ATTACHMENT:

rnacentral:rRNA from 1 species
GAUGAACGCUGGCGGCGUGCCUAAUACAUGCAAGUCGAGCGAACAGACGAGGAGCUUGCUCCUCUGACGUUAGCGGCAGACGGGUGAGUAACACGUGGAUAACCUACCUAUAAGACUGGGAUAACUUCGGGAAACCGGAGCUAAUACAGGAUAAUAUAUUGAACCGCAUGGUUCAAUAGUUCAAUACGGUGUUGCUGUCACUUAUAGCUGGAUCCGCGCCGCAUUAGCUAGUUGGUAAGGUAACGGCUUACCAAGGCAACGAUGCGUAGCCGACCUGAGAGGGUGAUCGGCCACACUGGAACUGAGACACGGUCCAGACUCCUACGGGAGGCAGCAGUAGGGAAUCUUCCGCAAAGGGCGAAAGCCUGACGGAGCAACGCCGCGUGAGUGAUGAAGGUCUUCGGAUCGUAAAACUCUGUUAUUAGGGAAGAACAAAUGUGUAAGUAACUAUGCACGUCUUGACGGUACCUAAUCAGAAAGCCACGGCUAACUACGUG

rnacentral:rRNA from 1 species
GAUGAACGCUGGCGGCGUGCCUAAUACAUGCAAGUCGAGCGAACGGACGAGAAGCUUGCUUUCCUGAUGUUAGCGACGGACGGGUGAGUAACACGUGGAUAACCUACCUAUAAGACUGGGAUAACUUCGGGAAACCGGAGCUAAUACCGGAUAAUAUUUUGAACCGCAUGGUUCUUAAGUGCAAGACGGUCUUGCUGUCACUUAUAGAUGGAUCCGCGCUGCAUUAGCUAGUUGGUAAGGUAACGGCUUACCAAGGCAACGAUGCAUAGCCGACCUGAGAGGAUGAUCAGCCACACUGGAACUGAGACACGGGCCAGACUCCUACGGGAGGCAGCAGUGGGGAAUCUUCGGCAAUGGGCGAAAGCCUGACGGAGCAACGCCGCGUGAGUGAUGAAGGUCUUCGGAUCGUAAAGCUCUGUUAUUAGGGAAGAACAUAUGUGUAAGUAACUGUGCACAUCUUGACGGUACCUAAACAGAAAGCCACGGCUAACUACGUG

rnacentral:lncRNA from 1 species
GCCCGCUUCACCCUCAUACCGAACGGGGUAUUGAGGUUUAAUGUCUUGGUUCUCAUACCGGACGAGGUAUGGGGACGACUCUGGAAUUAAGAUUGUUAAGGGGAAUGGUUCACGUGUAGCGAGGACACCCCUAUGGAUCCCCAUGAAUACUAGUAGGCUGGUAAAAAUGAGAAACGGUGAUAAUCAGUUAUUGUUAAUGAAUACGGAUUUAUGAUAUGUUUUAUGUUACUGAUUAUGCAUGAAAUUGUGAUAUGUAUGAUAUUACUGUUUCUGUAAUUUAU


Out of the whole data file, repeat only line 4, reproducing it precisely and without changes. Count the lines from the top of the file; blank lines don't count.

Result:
GAUGAACGCUGGCGGCGUGCCUAAUACAUGCAAGUCGAGCGAACGGACGAGAAGCUUGCUUUCCUGAUGUUAGCGACGGACGGGUGAGUAACACGUGGAUAACCUACCUAUAAGACUGGGAUAACUUCGGGAAACCGGAGCUAAUACCGGAUAAUAUUUUGAACCGCAUGGUUCUUAAGUGCAAGACGGUCUUGCUGUCACUUAUAGAUGGAUCCGCGCUGCAUUAGCUAGUUGGUAAGGUAACGGCUUACCAAGGCAACGAUGCAUAGCCGACCUGAGAGGAUGAUCAGCCACACUGGAACUGAGACACGGGCCAGACUCCUACGGGAGGCAGCAGUGGGGAAUCUUCGGCAAUGGGCGAAAGCCUGACGGAGCAACGCCGCGUGAGUGAUGAAGGUCUUCGGAUCGUAAAGCUCUGUUAUUAGGGAAGAACAUAUGUGUAAGUAACUGUGCACAUCUUGACGGUACCUAAACAGAAAGCCACGGCUAACUACGUG